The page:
In Greek mythology, Nike was the Winged Goddess of Victory. The Romans called her Victoria. Her sisters are named Strength, Force, and Zeal in various languages. Today we think of Nike as a sports-brand outfitter, but one that encourages us all to strive to victory.
The primary customer segment which Nike targets are individuals in the 18-40 age group who are either actively involved in athletics or live in households that are.
The numbers that Nike is able to bring in are staggering. Just 850+ stores generate over $27 billion of revenues every year. They have nearly 4x the amount of footwear sales than their nearest competitor. As a brand, their global market share is expected to be near 30% by the end of the decade. They’ve been able to accomplish this by understanding their core demographics.
The Core Demographics of Nike
- Nike targets US consumers with their branded products more than any other nation in the world today.
- This brand’s vision is to equip all teens with their athletic apparel in popular sports, most notably different versions of football around the world.
- Every socioeconomic demographic has at least one core target area for Nike. Race, ethnicity, income – the goal is directed more toward a positive exposure of the brand.
- No single distribution outlet outside of Nike’s retail outlets accounted for more than 10% of their overall revenues, proving the level of demographic diversification this brand has.
- Outside of North America, Western Europe is the largest geographic demographic for this brand.
The message that Nike spreads to every customer segment is simple. If you want to look good and improve your performance at the same time, then Nike is the brand you’re going to want to wear. The trademark swoosh symbol is known across all socioeconomic demographics and is a top desired brand no matter how much money a household may earn. Of course higher income individuals receive more overall marketing targets, but this brand is unique because of its high level of saturation. In many ways, it is the Coca Cola of its industry.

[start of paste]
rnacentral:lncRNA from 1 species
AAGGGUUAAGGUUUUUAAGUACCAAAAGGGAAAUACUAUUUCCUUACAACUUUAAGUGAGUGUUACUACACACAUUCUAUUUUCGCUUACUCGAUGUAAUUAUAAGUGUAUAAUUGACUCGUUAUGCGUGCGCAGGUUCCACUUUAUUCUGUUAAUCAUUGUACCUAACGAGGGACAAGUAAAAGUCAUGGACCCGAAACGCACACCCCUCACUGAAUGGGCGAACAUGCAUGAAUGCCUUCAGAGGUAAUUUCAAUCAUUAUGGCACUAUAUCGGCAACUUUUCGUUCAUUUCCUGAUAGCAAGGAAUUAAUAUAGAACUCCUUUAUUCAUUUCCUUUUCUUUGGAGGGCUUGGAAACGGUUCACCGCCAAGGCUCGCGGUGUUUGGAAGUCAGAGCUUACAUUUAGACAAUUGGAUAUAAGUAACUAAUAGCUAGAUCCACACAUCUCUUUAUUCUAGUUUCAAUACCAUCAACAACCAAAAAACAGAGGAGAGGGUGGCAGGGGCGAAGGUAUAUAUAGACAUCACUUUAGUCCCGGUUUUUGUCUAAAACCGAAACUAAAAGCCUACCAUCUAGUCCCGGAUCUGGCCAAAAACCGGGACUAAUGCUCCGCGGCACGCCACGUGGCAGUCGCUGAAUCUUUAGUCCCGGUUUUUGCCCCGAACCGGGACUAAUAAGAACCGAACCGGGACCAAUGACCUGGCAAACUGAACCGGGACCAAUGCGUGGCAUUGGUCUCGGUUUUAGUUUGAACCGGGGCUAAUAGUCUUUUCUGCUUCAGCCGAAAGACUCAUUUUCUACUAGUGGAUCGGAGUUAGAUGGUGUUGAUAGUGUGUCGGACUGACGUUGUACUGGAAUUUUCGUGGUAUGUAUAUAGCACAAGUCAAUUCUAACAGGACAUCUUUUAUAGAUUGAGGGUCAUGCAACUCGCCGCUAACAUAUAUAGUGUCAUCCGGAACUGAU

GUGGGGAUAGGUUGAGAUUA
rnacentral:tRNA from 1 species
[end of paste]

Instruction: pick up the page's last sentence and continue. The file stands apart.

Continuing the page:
Why Nike Continues to Grow
- Nike has spent more than $3 billion over the last decade in advertising.
- It has an extensive social networking presence as a brand, with over 12 million people liking their Facebook page and over 1 million people following them on Twitter.
- Men are targeted more often than women with training products as Nike sees a 2-1 spending ratio between the genders.
- Emerging markets account for $0.15 of every $1 in revenue that Nike earns.
- Despite all of these emphasis points, Nike is still only ranked #5 as a brand with consumers in the core 18-24 age demographic. In comparison, those who are 45-65 rank Nike second.
Nike continues to grow because of its older demographics promoting their products by word of mouth. The glory days of athlete partnerships with Michael Jordan and other top superstars has not been replicated in recent years, which means Nike is fueled by the brand loyalty it generated over 20 years ago in some instances. Unless emerging markets continue to grow, the aging population will effectively cause Nike’s market share to shrink. This is why there is such an advertising push right now toward the younger demographics with this brand.
How Nike Could Change Everything?
- The younger targeted demographics of Nike are concerned about global impacts of the brands they represent, so a focus on changing labor standards and other manufacturing processes could create a more positive brand image.
- Union households, which generally have a higher overall household income than non-union households, are leery of Nike due to incidents like one that occurred in Indonesia where a workers was detained for 7 days simply for suspected efforts to unionize.
- Up to 30% of Nike’s total business costs in some emerging markets are bribes given directly to top government officials.
- Forced overtime and labor law violations in numerous countries without acknowledgment may drive even more people away form the brand.
Now more than ever, people feel like when they wear a brand, they are representing the actions of that company. For the older demographics, this representation is of NBA championships and other moments of sporting glory. For the younger demographics, it is a representation of a Vietnamese supervisor who struck more than a dozen women with a Nike shoe because of their poor sewing skills. To become a legend, you must do more than just dress the part. You must also be legendary in everything you do. If Nike can make these transformations, then they really could change everything.
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